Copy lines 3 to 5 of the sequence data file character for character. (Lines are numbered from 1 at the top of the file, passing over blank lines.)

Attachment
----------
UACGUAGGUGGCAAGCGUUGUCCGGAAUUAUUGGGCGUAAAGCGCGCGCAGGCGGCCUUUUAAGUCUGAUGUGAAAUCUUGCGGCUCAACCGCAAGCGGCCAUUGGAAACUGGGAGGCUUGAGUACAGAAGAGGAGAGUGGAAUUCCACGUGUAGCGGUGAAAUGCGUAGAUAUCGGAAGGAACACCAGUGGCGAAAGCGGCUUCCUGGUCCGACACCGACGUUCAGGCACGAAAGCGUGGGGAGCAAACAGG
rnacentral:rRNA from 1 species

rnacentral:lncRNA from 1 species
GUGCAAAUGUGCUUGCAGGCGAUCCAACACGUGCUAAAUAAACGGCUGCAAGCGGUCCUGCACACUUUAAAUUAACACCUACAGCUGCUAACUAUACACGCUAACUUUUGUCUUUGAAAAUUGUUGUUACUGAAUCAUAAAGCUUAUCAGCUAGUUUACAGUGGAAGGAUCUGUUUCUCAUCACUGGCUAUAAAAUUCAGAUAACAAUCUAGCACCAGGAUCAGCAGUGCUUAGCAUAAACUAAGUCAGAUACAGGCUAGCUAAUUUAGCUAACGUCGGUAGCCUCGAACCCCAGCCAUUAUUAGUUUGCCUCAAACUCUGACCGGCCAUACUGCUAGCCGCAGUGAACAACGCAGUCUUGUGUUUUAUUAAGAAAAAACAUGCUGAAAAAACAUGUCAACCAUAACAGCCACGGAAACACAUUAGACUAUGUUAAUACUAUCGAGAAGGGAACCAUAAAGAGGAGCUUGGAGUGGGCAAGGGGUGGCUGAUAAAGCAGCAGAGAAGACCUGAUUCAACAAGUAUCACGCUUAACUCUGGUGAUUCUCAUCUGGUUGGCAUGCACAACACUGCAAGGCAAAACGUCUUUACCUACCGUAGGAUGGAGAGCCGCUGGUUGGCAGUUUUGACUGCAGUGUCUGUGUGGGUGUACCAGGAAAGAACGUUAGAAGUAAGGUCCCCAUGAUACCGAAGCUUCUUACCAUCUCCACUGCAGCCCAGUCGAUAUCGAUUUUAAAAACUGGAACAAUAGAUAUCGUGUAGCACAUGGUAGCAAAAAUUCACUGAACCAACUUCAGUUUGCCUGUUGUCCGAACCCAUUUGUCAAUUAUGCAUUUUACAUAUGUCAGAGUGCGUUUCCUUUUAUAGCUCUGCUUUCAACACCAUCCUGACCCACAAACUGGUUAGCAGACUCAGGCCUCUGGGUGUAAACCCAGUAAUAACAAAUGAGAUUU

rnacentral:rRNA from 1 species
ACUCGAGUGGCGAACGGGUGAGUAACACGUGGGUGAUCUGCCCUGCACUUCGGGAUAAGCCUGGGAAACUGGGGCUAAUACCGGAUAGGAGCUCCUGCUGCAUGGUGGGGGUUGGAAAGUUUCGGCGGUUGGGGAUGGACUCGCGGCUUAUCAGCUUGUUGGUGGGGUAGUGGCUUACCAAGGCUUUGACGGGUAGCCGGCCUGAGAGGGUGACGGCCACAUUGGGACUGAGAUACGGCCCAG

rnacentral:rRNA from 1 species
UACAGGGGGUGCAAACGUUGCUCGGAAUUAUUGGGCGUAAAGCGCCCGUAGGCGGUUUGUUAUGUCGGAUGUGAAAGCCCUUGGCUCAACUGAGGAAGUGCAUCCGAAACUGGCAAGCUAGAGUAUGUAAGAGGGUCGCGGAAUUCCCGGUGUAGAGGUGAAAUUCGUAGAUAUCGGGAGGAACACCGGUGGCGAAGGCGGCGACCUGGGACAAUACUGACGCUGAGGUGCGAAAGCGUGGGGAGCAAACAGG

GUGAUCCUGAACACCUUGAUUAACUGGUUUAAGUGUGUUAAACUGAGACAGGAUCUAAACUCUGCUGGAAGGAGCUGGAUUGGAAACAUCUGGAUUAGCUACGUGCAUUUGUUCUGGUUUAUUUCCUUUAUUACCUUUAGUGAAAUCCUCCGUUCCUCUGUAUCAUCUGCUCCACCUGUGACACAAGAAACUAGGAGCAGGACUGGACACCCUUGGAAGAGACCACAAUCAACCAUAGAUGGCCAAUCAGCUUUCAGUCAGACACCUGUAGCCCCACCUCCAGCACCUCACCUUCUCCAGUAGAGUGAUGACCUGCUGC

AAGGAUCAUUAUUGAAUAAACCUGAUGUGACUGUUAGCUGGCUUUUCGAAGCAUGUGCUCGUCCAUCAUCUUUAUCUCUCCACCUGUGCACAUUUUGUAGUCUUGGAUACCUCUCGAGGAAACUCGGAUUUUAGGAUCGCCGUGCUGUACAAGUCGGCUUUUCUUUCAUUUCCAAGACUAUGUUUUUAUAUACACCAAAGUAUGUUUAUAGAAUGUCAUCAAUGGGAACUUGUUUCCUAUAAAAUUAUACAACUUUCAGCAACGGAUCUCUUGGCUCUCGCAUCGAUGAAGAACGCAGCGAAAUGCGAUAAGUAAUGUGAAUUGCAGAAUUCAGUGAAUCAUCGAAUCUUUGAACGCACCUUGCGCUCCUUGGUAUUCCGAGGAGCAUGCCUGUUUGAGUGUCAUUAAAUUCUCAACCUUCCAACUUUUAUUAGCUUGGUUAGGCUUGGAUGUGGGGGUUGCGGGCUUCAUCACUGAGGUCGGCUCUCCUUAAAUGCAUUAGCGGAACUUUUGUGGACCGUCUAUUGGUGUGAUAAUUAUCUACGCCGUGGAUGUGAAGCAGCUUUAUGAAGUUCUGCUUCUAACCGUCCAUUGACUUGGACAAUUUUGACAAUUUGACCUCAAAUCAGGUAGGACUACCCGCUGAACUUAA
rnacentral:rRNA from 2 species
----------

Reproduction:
rnacentral:lncRNA from 1 species
GUGCAAAUGUGCUUGCAGGCGAUCCAACACGUGCUAAAUAAACGGCUGCAAGCGGUCCUGCACACUUUAAAUUAACACCUACAGCUGCUAACUAUACACGCUAACUUUUGUCUUUGAAAAUUGUUGUUACUGAAUCAUAAAGCUUAUCAGCUAGUUUACAGUGGAAGGAUCUGUUUCUCAUCACUGGCUAUAAAAUUCAGAUAACAAUCUAGCACCAGGAUCAGCAGUGCUUAGCAUAAACUAAGUCAGAUACAGGCUAGCUAAUUUAGCUAACGUCGGUAGCCUCGAACCCCAGCCAUUAUUAGUUUGCCUCAAACUCUGACCGGCCAUACUGCUAGCCGCAGUGAACAACGCAGUCUUGUGUUUUAUUAAGAAAAAACAUGCUGAAAAAACAUGUCAACCAUAACAGCCACGGAAACACAUUAGACUAUGUUAAUACUAUCGAGAAGGGAACCAUAAAGAGGAGCUUGGAGUGGGCAAGGGGUGGCUGAUAAAGCAGCAGAGAAGACCUGAUUCAACAAGUAUCACGCUUAACUCUGGUGAUUCUCAUCUGGUUGGCAUGCACAACACUGCAAGGCAAAACGUCUUUACCUACCGUAGGAUGGAGAGCCGCUGGUUGGCAGUUUUGACUGCAGUGUCUGUGUGGGUGUACCAGGAAAGAACGUUAGAAGUAAGGUCCCCAUGAUACCGAAGCUUCUUACCAUCUCCACUGCAGCCCAGUCGAUAUCGAUUUUAAAAACUGGAACAAUAGAUAUCGUGUAGCACAUGGUAGCAAAAAUUCACUGAACCAACUUCAGUUUGCCUGUUGUCCGAACCCAUUUGUCAAUUAUGCAUUUUACAUAUGUCAGAGUGCGUUUCCUUUUAUAGCUCUGCUUUCAACACCAUCCUGACCCACAAACUGGUUAGCAGACUCAGGCCUCUGGGUGUAAACCCAGUAAUAACAAAUGAGAUUU

rnacentral:rRNA from 1 species